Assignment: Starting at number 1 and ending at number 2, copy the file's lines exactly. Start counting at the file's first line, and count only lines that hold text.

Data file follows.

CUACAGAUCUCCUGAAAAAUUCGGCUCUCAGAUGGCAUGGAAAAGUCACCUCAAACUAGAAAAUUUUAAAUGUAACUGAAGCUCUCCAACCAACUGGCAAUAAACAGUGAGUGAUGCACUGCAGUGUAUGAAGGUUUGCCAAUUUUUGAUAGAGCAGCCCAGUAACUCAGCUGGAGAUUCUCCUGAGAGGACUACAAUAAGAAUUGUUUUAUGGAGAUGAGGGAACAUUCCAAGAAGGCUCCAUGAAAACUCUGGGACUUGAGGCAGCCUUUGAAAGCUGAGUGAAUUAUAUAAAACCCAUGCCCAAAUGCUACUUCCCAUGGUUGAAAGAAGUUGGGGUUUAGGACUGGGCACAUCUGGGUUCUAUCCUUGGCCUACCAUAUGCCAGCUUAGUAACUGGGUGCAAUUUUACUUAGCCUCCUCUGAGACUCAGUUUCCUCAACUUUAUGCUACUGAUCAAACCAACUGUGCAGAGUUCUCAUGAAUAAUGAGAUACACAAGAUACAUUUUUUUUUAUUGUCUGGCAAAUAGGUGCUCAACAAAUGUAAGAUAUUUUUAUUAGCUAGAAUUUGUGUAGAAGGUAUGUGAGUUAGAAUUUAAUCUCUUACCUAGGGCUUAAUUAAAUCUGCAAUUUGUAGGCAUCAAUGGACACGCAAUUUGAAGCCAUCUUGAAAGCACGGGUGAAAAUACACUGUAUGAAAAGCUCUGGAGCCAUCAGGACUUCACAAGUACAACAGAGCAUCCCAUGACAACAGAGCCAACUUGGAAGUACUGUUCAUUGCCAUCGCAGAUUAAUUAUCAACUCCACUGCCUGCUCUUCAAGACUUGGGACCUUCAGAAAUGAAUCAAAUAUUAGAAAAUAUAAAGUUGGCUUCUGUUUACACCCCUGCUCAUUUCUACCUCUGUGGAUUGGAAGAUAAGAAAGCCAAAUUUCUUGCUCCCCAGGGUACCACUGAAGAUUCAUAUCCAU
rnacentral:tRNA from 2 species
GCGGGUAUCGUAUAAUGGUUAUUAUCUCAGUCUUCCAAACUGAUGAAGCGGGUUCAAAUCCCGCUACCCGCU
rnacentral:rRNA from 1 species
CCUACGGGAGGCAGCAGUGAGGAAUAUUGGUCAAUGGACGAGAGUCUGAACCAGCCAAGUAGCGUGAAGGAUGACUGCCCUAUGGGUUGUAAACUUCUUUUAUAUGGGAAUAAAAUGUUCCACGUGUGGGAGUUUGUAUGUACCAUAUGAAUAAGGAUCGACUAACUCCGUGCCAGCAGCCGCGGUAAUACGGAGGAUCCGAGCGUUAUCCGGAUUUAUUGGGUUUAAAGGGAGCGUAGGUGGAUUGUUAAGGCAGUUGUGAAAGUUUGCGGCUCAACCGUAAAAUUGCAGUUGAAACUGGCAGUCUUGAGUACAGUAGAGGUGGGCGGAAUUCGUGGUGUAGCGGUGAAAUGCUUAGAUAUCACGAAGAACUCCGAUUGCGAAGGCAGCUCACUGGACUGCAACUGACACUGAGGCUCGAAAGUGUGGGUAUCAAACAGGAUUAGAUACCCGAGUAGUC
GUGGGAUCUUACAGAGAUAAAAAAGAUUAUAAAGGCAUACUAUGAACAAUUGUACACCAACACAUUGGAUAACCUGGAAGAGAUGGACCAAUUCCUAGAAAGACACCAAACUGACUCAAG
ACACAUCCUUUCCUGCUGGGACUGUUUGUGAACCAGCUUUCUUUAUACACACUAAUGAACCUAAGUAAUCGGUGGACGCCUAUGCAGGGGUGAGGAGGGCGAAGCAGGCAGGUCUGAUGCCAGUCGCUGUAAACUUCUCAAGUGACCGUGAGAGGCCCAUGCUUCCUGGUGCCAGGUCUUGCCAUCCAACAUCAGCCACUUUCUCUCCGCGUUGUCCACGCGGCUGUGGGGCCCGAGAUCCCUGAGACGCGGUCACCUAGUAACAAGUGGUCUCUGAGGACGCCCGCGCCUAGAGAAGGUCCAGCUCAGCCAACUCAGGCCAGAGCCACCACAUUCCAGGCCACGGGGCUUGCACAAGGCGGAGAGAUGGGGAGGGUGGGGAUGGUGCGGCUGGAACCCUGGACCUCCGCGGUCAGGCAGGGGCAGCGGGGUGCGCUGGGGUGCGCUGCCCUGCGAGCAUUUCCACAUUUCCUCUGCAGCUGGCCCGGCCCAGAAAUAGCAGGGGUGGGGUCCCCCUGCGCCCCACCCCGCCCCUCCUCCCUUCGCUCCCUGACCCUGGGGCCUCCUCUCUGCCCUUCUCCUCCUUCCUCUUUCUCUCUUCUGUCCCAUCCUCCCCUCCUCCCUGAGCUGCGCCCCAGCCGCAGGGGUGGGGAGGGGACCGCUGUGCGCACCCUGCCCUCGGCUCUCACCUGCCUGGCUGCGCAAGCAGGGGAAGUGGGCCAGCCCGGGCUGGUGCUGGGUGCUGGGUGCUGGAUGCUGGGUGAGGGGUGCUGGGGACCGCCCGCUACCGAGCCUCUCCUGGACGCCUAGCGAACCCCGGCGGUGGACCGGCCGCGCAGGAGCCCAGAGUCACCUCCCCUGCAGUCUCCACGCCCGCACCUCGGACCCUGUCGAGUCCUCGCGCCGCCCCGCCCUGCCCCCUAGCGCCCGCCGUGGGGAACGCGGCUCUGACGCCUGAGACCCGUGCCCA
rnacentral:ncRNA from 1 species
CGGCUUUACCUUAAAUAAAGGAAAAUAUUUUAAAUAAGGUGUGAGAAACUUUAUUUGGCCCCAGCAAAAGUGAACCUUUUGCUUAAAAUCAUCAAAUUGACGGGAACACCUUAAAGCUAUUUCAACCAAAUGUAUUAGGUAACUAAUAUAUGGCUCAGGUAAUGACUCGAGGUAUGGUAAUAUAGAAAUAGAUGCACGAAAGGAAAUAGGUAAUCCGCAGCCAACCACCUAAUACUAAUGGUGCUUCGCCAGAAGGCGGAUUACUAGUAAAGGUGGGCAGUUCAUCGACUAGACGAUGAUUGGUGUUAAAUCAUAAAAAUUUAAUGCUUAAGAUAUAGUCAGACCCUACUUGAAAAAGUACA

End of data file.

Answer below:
CUACAGAUCUCCUGAAAAAUUCGGCUCUCAGAUGGCAUGGAAAAGUCACCUCAAACUAGAAAAUUUUAAAUGUAACUGAAGCUCUCCAACCAACUGGCAAUAAACAGUGAGUGAUGCACUGCAGUGUAUGAAGGUUUGCCAAUUUUUGAUAGAGCAGCCCAGUAACUCAGCUGGAGAUUCUCCUGAGAGGACUACAAUAAGAAUUGUUUUAUGGAGAUGAGGGAACAUUCCAAGAAGGCUCCAUGAAAACUCUGGGACUUGAGGCAGCCUUUGAAAGCUGAGUGAAUUAUAUAAAACCCAUGCCCAAAUGCUACUUCCCAUGGUUGAAAGAAGUUGGGGUUUAGGACUGGGCACAUCUGGGUUCUAUCCUUGGCCUACCAUAUGCCAGCUUAGUAACUGGGUGCAAUUUUACUUAGCCUCCUCUGAGACUCAGUUUCCUCAACUUUAUGCUACUGAUCAAACCAACUGUGCAGAGUUCUCAUGAAUAAUGAGAUACACAAGAUACAUUUUUUUUUAUUGUCUGGCAAAUAGGUGCUCAACAAAUGUAAGAUAUUUUUAUUAGCUAGAAUUUGUGUAGAAGGUAUGUGAGUUAGAAUUUAAUCUCUUACCUAGGGCUUAAUUAAAUCUGCAAUUUGUAGGCAUCAAUGGACACGCAAUUUGAAGCCAUCUUGAAAGCACGGGUGAAAAUACACUGUAUGAAAAGCUCUGGAGCCAUCAGGACUUCACAAGUACAACAGAGCAUCCCAUGACAACAGAGCCAACUUGGAAGUACUGUUCAUUGCCAUCGCAGAUUAAUUAUCAACUCCACUGCCUGCUCUUCAAGACUUGGGACCUUCAGAAAUGAAUCAAAUAUUAGAAAAUAUAAAGUUGGCUUCUGUUUACACCCCUGCUCAUUUCUACCUCUGUGGAUUGGAAGAUAAGAAAGCCAAAUUUCUUGCUCCCCAGGGUACCACUGAAGAUUCAUAUCCAU
rnacentral:tRNA from 2 species